The reason I wrote the original post about The conflicting tension between metaphysics and good storytelling was because I was experiencing it myself. I’d used a technical kabbalistic phrase as a placeholder until I could think of the correct word to use. The problem was that I never did and the placeholder was wrong but sounded good. I couldn’t find a “correct” phrase that wouldn’t interrupt the story’s flow.
The phrase that was bugging me was “the veil of negative existence”. In traditional kabbala it is the division between the three unknowable and incomprehensible forms of deity and the first knowable form, “Kether” at the top of the tree, as shown here:
The idea I actually wanted to convey was the barrier between the world of matter and the inverted evil tree that mirrors the tree of life but grows downward from Malkuth. This was a later invention to account for the existence of evil in the world.
The story goes that as the light of God moved down the lightning flash and filled each sphere on the tree, one of them broke and the light overflowed, created a dark realm of shells below the tree that contained pieces of the divine.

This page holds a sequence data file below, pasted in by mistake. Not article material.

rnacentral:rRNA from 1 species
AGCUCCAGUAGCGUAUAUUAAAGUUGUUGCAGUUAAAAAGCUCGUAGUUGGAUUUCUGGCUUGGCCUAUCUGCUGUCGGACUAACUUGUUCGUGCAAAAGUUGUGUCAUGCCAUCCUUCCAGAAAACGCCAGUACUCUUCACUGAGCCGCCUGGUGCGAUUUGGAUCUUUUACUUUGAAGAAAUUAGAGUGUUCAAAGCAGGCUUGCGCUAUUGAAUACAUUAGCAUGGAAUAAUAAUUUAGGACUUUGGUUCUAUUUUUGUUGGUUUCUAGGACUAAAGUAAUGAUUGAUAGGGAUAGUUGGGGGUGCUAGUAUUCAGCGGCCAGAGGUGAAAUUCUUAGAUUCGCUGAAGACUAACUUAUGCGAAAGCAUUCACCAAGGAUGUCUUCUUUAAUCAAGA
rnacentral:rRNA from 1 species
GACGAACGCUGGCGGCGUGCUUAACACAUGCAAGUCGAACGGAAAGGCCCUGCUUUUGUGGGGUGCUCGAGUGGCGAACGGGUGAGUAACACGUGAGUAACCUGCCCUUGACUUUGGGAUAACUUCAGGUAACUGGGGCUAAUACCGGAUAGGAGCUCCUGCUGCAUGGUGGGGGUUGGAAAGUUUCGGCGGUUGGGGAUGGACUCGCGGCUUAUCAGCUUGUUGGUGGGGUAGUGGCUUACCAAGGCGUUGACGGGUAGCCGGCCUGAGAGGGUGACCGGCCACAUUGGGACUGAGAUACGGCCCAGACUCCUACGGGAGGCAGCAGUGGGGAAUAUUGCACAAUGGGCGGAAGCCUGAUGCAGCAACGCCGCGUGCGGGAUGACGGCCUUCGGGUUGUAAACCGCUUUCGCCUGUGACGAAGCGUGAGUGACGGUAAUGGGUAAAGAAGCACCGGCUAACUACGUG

This became a realm of demons imbued with a measure of spiritual grace, yet hungry to consume the rest of God’s creation.
This theme is the basis for the monster in my story So Below. I did conflate the realm of shells with the Abyss, but given the total confusion as to the true nature of either cosmological region, I feel perfectly justified in doing so. Plus, this is fiction so I’m allowed to innovate. I just don’t like including a mistake in my work that is so blatantly incorrect. I said precisely the opposite of what I meant (if you follow me).
I just came up with a solution however, so I can finally stop worrying about this. I decided to refer to the “Breaking of Foundations” which is an alternate (and possibly mistranslated) name for Malkuth and allowed me to tie it in with the “Bottom of the Bottomless Pit” idea that appears elsewhere in my story.
Diagram is from Book 4 by Frater Perdurabo.